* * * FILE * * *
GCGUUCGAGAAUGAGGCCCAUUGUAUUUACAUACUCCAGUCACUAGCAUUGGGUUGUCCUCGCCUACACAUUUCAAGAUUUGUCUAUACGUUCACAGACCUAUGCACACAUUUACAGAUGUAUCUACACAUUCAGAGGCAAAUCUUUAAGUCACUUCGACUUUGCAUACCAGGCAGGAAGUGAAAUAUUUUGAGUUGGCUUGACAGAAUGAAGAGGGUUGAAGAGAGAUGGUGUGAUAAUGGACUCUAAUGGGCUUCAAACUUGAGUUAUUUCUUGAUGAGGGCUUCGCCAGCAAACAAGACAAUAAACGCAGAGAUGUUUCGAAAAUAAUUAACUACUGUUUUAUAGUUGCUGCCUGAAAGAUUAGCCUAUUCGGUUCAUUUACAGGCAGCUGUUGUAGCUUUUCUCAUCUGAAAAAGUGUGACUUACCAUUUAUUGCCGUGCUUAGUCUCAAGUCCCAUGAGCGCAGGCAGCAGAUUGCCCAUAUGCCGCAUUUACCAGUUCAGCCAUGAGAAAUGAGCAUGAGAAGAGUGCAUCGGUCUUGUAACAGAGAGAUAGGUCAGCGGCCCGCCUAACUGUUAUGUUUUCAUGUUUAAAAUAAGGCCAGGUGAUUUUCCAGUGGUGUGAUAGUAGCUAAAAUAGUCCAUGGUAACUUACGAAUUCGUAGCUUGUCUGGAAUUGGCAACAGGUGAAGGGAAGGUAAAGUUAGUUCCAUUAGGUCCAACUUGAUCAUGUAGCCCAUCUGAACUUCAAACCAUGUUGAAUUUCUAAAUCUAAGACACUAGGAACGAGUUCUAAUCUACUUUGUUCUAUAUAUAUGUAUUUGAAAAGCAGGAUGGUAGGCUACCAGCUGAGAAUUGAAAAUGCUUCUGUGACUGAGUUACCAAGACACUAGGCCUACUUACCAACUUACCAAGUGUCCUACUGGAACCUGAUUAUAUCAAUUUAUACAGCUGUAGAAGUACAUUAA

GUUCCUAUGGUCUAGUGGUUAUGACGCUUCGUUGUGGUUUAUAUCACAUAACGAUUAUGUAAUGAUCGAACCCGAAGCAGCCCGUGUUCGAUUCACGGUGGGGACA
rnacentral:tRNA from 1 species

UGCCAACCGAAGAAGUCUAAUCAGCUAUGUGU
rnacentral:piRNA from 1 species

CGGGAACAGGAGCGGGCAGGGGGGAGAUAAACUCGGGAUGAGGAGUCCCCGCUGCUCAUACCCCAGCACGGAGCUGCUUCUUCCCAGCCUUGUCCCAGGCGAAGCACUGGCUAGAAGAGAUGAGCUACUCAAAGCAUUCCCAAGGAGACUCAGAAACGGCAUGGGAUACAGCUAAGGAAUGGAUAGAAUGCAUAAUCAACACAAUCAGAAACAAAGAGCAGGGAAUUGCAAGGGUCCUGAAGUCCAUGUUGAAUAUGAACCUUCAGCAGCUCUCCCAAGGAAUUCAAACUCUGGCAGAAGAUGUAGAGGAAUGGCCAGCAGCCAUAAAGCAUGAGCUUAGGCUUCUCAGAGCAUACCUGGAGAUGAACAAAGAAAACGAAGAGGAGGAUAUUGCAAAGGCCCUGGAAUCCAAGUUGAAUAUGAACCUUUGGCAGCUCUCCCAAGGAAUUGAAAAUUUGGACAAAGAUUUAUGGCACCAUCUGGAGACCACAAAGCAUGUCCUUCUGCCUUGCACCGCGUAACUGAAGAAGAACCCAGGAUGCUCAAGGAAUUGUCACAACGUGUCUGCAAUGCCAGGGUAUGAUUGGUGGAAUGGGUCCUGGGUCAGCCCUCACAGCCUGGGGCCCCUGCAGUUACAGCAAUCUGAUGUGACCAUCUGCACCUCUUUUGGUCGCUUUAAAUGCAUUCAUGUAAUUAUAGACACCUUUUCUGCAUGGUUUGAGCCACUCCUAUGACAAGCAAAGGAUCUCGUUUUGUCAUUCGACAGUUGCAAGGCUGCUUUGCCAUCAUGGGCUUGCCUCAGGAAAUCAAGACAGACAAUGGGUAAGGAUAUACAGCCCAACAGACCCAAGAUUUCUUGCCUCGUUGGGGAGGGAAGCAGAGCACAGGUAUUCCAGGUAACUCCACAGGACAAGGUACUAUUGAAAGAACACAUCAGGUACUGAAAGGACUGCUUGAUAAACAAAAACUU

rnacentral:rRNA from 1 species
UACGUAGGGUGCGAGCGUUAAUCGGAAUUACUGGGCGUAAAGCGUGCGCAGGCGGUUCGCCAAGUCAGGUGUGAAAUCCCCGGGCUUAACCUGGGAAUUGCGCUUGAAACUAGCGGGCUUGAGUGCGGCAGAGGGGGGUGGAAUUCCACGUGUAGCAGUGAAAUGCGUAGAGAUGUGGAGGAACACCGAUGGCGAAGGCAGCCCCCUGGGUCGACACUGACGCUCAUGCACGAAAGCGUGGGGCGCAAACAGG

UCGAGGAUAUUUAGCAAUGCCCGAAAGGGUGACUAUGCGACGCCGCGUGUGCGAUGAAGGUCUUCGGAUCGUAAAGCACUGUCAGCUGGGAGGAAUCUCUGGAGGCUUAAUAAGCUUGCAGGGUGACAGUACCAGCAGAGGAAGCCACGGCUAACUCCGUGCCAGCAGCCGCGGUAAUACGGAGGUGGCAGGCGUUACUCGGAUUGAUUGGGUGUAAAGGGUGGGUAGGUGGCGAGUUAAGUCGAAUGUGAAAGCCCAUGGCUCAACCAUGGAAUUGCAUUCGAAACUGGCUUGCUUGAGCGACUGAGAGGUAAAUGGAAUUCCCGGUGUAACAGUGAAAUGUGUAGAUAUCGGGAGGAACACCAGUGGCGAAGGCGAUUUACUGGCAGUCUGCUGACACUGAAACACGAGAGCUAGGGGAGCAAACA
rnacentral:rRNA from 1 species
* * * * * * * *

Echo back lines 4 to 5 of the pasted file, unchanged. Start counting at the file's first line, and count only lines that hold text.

UGCCAACCGAAGAAGUCUAAUCAGCUAUGUGU
rnacentral:piRNA from 1 species